John Atkinson Grimshaw was an English Victorian-era artist now best known for his nocturnal scenes of urban landscapes. Today, he is considered one of the great painters of the Victorian era, as well as one of the best and most accomplished nightscape, townscape, artists of all time, he was called a "remarkable and imaginative painter" by the critic and historian Christopher Wood in Victorian Painting. Grimshaw's accuracy and attention to realism was criticised by some of his contemporaries, with one critic claiming that his paintings appeared to ‘showed no marks of handling or brushwork’, adding that ‘not a few artists were doubtful whether they could be accepted as paintings at all’. However, other contemporaries recognised his mastery of lighting and technique, James McNeill Whistler, whom Grimshaw worked with in his Chelsea studios, stated, “I considered myself the inventor of nocturnes until I saw Grimmy’s moonlit pictures”, his early paintings were signed "JAG", "J. A. Grimshaw", or "John Atkinson Grimshaw", though he settled on "Atkinson Grimshaw".
He was born 6 September 1836 in a back-to-back tenement in Park Street, Leeds to Mary and David Grimshaw. In 1856 he married his cousin Frances Hubbard. In 1861, at the age of 24, to the dismay of his parents, he left his job as a clerk for the Great Northern Railway to become a painter, he first exhibited in 1862 paintings of birds and blossom, under the patronage of the Leeds Philosophical and Literary Society. He and his wife moved in 1866 to a semi-detached villa, now numbered 56 Cliff Road in Headingley and has a Leeds Civic Trust blue plaque, in 1870 to Knostrop Hall, he became successful in the 1870s and rented a second home in Scarborough, which became a favourite subject. He is buried in Woodhouse Cemetery, Leeds. Several of his children, Arthur E. Grimshaw, Louis H. Grimshaw, Wilfred Grimshaw and Elaine Grimshaw became painters. Grimshaw's primary influence was the Pre-Raphaelites. True to the Pre-Raphaelite style, he created landscapes of accurate colour and lighting, vivid detail and realism typifying seasons or a type of weather.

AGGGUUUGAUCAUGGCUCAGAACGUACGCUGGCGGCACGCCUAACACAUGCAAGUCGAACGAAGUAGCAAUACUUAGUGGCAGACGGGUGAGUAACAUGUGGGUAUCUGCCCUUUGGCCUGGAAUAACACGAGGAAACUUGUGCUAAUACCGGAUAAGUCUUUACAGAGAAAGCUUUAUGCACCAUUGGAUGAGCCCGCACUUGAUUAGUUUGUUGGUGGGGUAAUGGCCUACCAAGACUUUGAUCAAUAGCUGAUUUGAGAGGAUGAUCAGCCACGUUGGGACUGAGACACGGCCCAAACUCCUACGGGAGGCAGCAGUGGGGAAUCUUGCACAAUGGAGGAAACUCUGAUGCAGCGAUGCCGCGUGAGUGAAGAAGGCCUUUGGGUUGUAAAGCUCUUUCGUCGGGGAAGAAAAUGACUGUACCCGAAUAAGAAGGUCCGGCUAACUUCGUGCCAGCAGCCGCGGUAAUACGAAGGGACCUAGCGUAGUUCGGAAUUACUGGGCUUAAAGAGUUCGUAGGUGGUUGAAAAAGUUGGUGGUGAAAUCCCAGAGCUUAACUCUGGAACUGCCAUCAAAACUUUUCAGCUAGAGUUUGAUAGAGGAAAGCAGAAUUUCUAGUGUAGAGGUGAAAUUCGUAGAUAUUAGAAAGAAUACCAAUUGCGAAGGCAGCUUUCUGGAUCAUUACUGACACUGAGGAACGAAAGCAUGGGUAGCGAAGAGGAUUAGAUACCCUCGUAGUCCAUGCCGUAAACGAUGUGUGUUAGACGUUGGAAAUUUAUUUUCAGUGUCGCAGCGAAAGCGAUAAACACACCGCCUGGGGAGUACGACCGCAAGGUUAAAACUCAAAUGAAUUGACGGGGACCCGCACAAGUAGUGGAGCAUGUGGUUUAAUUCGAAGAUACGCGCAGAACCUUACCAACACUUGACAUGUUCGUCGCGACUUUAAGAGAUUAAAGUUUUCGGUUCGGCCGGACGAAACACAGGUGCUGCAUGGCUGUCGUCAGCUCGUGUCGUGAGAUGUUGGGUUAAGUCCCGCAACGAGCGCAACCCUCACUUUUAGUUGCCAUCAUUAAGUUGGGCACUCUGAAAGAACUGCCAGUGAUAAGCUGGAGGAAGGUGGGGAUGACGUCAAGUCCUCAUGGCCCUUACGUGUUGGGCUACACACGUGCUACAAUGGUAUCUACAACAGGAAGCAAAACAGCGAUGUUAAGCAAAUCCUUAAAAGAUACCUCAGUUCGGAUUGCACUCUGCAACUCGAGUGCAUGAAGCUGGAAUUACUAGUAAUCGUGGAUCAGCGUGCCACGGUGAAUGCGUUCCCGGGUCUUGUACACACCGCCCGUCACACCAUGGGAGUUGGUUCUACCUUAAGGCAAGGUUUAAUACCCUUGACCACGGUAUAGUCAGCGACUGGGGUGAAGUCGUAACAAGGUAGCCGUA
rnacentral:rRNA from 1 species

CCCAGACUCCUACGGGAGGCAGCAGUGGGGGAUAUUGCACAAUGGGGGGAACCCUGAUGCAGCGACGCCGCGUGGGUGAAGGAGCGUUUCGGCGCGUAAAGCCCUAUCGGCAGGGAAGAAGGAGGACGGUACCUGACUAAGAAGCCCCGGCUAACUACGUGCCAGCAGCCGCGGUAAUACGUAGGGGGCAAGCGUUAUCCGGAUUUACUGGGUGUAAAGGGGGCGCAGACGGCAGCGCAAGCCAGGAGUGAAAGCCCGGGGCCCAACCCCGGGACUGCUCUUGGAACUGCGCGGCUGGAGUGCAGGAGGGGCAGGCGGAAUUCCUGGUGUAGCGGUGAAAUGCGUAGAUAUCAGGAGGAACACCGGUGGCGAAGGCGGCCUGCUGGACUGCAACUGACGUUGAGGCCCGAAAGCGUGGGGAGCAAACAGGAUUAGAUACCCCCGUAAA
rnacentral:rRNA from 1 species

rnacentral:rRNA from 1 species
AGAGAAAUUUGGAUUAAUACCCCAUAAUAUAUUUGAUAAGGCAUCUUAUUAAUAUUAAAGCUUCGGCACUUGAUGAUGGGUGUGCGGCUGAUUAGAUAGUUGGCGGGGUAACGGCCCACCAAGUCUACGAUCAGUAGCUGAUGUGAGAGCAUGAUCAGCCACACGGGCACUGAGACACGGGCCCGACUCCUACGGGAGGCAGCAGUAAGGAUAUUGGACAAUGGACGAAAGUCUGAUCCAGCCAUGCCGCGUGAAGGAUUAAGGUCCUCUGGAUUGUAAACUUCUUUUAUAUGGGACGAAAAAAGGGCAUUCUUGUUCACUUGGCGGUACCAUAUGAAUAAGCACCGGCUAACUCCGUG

Moonlit views of city and suburban streets and of the docks in London, Hull and Glasgow figured in his art. His careful painting and his skill in lighting effects meant that he captured both the appearance and the mood of a scene in minute detail, his "paintings of dampened gas-lit streets and misty waterfronts conveyed an eerie warmth as well as alienation in the urban scene."Dulce Domum, on whose reverse Grimshaw wrote, "mostly painted under great difficulties", captures the music portrayed in the piano-player, entices the eye to meander through the richly decorated room, to consider the still and silent young lady, listening. Grimshaw painted more interior scenes in the 1870s, when he worked under the influence of James Tissot and the Aesthetic Movement. On Hampstead Hill is considered one of Grimshaw's finest works, exemplifying his skill with a variety of light sources, in capturing the mood of the passing of twilight into night. In his career his urban scenes under twilight or yellow streetlighting were popular with his middle-class patrons.
His work included imagined scenes from the Greek and Roman empires, he painted literary subjects from Longfellow and Tennyson—pictures including Elaine and The Lady of Shalott. In the 1880s, Grimshaw maintained a London studio in Chelsea, not far from the studio of James Abbott McNeill Whistler. After visiting Grimshaw, Whistler remarked that "I considered myself the inventor of Nocturnes until I saw Grimmy's moonlit pictures." Unlike Whistler's Impressionistic night scenes Grimshaw worked in a realistic vein: "sharply focused photographic", his pictures innovated in applying the tradition of rural moonlight images to the Victorian city, recording "the rain and mist, the puddles and smoky fog of late Victorian industrial England with great poetry."Grimshaw's paintings depicted the contemporary world but eschewed the dirty and depressing aspects of industrial towns. Shipping on the Clyde, a depiction of Glasgow's Victorian docks, is a lyrically beautiful evocation of the industrial era. Grimshaw transcribed the fog and mist so as to capture the chill in the damp air, the moisture penetrating the heavy clothes of the few figures awake in the misty early morning.